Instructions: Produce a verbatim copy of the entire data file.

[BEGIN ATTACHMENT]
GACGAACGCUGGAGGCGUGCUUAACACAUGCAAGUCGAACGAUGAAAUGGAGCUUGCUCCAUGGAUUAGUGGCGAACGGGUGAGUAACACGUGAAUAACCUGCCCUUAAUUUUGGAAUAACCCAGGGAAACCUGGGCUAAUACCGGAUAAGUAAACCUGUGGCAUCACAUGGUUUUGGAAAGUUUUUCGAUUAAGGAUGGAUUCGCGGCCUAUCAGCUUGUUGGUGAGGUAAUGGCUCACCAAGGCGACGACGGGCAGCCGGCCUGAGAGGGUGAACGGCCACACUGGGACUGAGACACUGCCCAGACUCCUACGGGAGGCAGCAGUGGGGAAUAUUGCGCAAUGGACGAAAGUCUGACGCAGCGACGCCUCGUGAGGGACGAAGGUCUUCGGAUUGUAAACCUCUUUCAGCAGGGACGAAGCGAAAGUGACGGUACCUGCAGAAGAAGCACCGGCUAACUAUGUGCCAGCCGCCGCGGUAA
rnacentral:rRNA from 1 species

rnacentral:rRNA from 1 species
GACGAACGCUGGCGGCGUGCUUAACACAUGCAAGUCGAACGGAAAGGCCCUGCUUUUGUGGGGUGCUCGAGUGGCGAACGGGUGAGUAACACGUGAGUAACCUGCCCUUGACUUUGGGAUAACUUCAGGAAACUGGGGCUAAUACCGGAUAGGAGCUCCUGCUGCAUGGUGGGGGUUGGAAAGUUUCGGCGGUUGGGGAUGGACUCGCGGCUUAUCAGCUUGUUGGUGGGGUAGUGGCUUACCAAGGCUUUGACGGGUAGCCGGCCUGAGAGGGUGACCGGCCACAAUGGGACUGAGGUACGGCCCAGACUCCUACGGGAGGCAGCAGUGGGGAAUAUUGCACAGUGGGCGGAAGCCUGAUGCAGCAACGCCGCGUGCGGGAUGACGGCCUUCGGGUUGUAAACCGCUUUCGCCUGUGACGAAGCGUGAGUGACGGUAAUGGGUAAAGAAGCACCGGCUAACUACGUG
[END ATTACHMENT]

GACGAACGCUGGAGGCGUGCUUAACACAUGCAAGUCGAACGAUGAAAUGGAGCUUGCUCCAUGGAUUAGUGGCGAACGGGUGAGUAACACGUGAAUAACCUGCCCUUAAUUUUGGAAUAACCCAGGGAAACCUGGGCUAAUACCGGAUAAGUAAACCUGUGGCAUCACAUGGUUUUGGAAAGUUUUUCGAUUAAGGAUGGAUUCGCGGCCUAUCAGCUUGUUGGUGAGGUAAUGGCUCACCAAGGCGACGACGGGCAGCCGGCCUGAGAGGGUGAACGGCCACACUGGGACUGAGACACUGCCCAGACUCCUACGGGAGGCAGCAGUGGGGAAUAUUGCGCAAUGGACGAAAGUCUGACGCAGCGACGCCUCGUGAGGGACGAAGGUCUUCGGAUUGUAAACCUCUUUCAGCAGGGACGAAGCGAAAGUGACGGUACCUGCAGAAGAAGCACCGGCUAACUAUGUGCCAGCCGCCGCGGUAA
rnacentral:rRNA from 1 species

rnacentral:rRNA from 1 species
GACGAACGCUGGCGGCGUGCUUAACACAUGCAAGUCGAACGGAAAGGCCCUGCUUUUGUGGGGUGCUCGAGUGGCGAACGGGUGAGUAACACGUGAGUAACCUGCCCUUGACUUUGGGAUAACUUCAGGAAACUGGGGCUAAUACCGGAUAGGAGCUCCUGCUGCAUGGUGGGGGUUGGAAAGUUUCGGCGGUUGGGGAUGGACUCGCGGCUUAUCAGCUUGUUGGUGGGGUAGUGGCUUACCAAGGCUUUGACGGGUAGCCGGCCUGAGAGGGUGACCGGCCACAAUGGGACUGAGGUACGGCCCAGACUCCUACGGGAGGCAGCAGUGGGGAAUAUUGCACAGUGGGCGGAAGCCUGAUGCAGCAACGCCGCGUGCGGGAUGACGGCCUUCGGGUUGUAAACCGCUUUCGCCUGUGACGAAGCGUGAGUGACGGUAAUGGGUAAAGAAGCACCGGCUAACUACGUG